[FoRK] Open-Source Communities and ERP-Software?
Stephen D. Williams
sdw at lig.net
Mon Jun 14 10:23:19 PDT 2004
This would be my charter for an OpenSource ERP+ project:
Make ERP functionality more widely usable.
Handle not only accounting, payroll, invoicing, estimates, payables,
receivables, etc., but also credit card billing, banking, sales
ticklers, scheduling, tracking important tax, finance, holiday, and
other dates and activities, balance statements, investment, planning,
budgeting, comparisions to various similar budgets, etc.
Make it usable by non-profits (groups that can often use Open Source and
other donationware easily), educational institutions, clubs, charities,
standards groups, and even individuals and professionals.
The basic concepts are the same, the tracking methods can be similar,
but tuning and built-in "chart of accounts", standard interfaces, and
other similar things need to be pooled and shared.
For instance, I could use something that tracks books in my personal
library, software, warranties and support contracts (when are they
expiring, etc.), complex budget estimation, tax events, relationship
tracking and tickling (when has it been too long since I've talked to a
client or associate), etc.
Make it easy for accountants/tax preparers to understand, use, and
interact with the data.
Add document capture and tracking integrated with transaction association.
Get off of Oracle. Accounting has simple database needs, MySQL is more
Consider XML-based document orientation to the main transactions, like
an invoice or quote, which allows easy customization but also allows for
PKI-based signing and encryption.
In an accounting system, you should never update records except for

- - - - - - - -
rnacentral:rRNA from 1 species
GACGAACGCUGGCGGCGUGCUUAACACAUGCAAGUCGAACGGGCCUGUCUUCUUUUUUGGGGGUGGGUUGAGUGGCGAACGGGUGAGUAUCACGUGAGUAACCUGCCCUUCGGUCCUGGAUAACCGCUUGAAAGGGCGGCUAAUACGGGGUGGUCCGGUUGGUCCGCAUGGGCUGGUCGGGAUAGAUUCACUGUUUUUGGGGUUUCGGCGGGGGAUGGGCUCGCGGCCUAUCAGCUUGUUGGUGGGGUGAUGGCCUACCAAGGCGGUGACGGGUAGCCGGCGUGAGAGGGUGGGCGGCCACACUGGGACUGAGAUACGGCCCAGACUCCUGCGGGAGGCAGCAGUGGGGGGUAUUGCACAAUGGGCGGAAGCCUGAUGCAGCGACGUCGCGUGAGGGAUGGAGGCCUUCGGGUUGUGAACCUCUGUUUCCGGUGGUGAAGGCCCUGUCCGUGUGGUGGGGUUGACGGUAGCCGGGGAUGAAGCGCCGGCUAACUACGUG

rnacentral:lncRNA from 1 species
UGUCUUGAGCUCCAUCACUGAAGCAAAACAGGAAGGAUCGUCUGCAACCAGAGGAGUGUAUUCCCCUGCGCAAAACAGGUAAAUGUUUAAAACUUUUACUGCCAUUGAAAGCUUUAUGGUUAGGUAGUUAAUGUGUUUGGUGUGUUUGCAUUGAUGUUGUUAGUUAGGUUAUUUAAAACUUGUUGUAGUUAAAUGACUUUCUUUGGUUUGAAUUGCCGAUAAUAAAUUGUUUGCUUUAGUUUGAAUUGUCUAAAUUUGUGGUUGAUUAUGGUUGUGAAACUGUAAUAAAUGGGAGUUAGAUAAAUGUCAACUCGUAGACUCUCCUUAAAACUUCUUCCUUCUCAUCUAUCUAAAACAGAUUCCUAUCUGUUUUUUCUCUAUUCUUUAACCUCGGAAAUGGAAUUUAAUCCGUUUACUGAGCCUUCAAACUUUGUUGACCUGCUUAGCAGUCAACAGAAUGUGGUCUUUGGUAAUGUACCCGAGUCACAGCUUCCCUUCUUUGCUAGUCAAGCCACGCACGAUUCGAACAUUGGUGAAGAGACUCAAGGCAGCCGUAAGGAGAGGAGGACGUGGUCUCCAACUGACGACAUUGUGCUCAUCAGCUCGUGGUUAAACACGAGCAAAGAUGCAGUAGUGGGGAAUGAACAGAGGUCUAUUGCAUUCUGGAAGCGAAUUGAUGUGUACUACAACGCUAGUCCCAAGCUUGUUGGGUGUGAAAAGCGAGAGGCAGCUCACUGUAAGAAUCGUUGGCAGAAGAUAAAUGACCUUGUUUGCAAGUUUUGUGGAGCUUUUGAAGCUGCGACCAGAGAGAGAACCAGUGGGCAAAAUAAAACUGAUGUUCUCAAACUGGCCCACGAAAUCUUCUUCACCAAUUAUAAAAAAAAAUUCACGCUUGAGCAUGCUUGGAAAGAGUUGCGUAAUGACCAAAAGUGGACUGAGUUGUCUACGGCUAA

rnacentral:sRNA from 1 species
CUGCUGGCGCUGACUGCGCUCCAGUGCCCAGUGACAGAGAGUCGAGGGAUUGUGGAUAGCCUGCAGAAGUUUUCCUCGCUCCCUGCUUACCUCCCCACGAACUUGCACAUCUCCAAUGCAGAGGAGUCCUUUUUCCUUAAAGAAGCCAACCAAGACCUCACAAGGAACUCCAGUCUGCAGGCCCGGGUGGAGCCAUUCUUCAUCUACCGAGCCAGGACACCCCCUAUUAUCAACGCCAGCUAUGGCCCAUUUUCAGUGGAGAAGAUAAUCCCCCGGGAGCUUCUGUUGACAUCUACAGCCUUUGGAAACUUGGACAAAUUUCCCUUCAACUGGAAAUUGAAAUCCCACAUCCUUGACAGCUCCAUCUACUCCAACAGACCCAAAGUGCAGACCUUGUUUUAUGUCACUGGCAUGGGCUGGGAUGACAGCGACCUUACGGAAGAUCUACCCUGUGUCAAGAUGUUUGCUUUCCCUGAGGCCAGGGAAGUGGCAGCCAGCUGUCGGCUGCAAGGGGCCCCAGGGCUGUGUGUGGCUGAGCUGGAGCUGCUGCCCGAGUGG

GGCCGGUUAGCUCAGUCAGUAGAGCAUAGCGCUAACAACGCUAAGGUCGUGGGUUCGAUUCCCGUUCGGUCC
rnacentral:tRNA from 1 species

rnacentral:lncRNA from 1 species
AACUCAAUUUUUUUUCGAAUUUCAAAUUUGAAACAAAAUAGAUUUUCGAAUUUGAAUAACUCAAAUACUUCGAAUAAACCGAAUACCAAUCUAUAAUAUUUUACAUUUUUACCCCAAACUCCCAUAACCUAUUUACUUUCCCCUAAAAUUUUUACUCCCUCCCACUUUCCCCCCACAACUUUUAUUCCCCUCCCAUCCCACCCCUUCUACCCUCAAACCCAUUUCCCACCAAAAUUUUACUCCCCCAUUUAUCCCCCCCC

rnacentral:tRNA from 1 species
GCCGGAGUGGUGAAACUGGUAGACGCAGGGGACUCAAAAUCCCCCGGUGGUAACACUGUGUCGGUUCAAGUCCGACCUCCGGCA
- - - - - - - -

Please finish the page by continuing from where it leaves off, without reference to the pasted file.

cached totals, you should always write new records and roll them up or
filter for the newest in later operations. Don't force closeouts of
detail every month and other obsolete accounting methods.
Frank Bergmann wrote:
>Maybe sombody could tell me just simply to abandon the project,
>but the idea to fight M$ & Co. with open-source is just so tempting...
>... I'm one of the founders of Project/Open, an "open-source based"
>project management and collaboration software. We've just released
>the version 2.0 (http://www.project-open.org/ -> Download) if
>you want to try. It requires a recent Linux or Solaris system with
>Oracle 8.1.7. We're planning a PostgreSQL port for later this year.
>The main problem of Project/Open is a conflict between the open-
>source idea and the ERP software environment. They just don't seem
>to fit together. OSS developers are repelled by "boring" ERP stuff
>(think accounting ...) while customer really don't mind to pay quite
>some money for the "information backbone" of their company. So is there
>any chance to succeed with the open-source idea in this arena and to
>get some serious market share?
>Our current thinking deals with the question _who_ really is suposed
>to participate in an online developer community. We think that maybe
>(small) IT companies could be candidates, if we could convince them
>to contribute their software to a common body of (GPLed?) source code.
>But IT companies act more or less rationally in the economic sense,
>so we need to create some kind of restrictions to the use of the code
>in order to enforce the "desired" code-sharing behaviour.
>So we have come up with a distinction between GPLed "commodity" software
>and proprietary "added-value" modules. Maybe we could convince our small
>IT companies to use GPLed software to cover the 80% of the functionalty
>that is identical amongst all ERP systems, so that they can concentrate
>in their sectorial knowledge to create customized solutions.
>So my question is:
>Would _you_ participate in such a scheme?
>Or: How should the scheme look like in order to be more attractive?
>mailto:frank.bergmann at project-open.com
>FoRK mailing list
swilliams at hpti.com http://www.hpti.com Per: sdw at lig.net http://sdw.st
Stephen D. Williams 703-724-0118W 703-995-0407Fax 20147-4622 AIM: sdw
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